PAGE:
This is reflected in workplace structures, where managers are often seen as authoritative figures who are not to be questioned. In the United States, however, the culture is more informal, with less emphasis on hierarchy and more on teamwork and collaboration. There are also differences in the way that tasks are approached in each culture. In Taiwan, there is a tendency to be meticulous and precise, with a focus on getting every detail right. This reflects the culture's values of hard work and attention to detail. In contrast, Americans tend to be more results-oriented, with a focus on achieving objectives quickly and efficiently.
Part of the reason that employees in Taiwan are so submissive to their leaders has a lot to do with Chinese culture, where respect for elders is paramount. In addition, Taiwanese schools and the education system, in general, teaches children to listen to what the teacher has to say and not ask questions; asking questions or sharing one's own opinion can be a sign of contempt for the teacher or a lack of understanding.
Contrastingly, in America there is more decentralization of power, status, and formality are not as important, employees are encouraged to share their thoughts and opinions freely, and it is easy to approach and communicate openly with company leaders.
This can also be linked to America's school system. America's school system in contrast teaches students freedom of expression, thinking outside of the box, and asking thought-provoking questions. Respect for authority is not emphasized, but rather it is expected that teachers earn the respect of their students.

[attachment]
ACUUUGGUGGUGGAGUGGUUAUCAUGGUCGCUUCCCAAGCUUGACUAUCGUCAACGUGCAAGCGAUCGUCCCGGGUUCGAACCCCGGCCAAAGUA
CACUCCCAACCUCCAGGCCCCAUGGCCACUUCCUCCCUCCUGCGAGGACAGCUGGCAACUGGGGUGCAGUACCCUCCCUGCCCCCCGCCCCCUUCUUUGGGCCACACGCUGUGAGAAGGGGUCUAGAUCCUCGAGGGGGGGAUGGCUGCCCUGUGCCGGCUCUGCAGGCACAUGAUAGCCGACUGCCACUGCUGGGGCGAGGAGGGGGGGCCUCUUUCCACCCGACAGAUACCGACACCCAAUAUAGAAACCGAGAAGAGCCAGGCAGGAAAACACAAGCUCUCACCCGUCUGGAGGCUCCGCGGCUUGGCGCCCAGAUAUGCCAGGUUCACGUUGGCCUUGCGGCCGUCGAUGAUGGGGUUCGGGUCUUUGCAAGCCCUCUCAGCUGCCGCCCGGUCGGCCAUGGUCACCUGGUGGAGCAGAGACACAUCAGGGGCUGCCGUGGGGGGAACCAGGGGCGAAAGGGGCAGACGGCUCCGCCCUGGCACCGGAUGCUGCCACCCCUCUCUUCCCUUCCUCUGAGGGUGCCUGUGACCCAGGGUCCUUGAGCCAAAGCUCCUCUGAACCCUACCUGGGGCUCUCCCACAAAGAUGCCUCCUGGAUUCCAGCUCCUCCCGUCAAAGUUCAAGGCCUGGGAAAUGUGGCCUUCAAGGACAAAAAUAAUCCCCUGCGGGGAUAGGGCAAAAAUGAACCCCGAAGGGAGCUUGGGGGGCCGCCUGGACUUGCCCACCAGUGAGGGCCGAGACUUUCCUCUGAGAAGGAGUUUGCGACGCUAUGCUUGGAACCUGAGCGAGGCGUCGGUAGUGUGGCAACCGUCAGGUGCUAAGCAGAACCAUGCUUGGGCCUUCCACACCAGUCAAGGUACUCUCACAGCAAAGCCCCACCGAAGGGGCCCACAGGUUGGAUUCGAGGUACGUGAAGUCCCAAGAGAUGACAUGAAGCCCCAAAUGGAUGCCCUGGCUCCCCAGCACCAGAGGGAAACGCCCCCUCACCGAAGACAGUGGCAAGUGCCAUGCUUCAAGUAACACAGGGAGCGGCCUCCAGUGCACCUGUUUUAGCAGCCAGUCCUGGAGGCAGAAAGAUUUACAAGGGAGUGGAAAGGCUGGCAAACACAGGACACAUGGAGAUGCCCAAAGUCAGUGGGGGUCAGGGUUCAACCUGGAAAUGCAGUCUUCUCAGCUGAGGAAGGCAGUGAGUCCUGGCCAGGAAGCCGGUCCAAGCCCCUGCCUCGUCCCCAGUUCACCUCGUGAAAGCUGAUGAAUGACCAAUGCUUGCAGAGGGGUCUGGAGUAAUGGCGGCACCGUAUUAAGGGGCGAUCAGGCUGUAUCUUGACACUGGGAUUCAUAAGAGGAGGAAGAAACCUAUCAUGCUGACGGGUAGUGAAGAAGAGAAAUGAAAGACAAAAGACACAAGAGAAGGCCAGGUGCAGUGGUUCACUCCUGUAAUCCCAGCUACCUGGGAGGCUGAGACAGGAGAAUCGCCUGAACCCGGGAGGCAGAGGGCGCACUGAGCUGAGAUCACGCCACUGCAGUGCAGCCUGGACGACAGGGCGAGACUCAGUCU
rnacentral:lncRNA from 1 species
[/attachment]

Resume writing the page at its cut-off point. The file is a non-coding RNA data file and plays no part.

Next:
It doesn't help that most businesses in Taiwan are family-run and owned, and management stays rigidly in the family. This means that many times in Taiwan management is passed on to younger family members even if there are more skilled and experienced employees that can manage the company.
How are professionalism and formality different between Taiwan and the West?
Taiwanese culture places a high value on professionalism, with a focus on etiquette, manners, and proper conduct, while American culture is more casual and informal.
In Taiwan, looks are very important. It is important to management and coworkers to always look and act professionally, even if you are not completing work effectively or in a timely manner.
As an American working in Taiwan, I also had to learn this lesson the hard way. I have learned that the attitude I portray and paying attention to minor details is actually more important than the work results I put out in the eyes of my superiors.
How are details and goals different between Taiwan and the West?
Taiwanese workers tend to be meticulous and precise, with a focus on getting every detail right, while American workers tend to be more results-oriented.
This also means that Taiwanese people focus more on details and correct form, instead of the overall objective. Contrastingly, American work culture places more emphasis on substance and results, and employees are more casual in the workplace.
How is time orientation different between Taiwan and the West?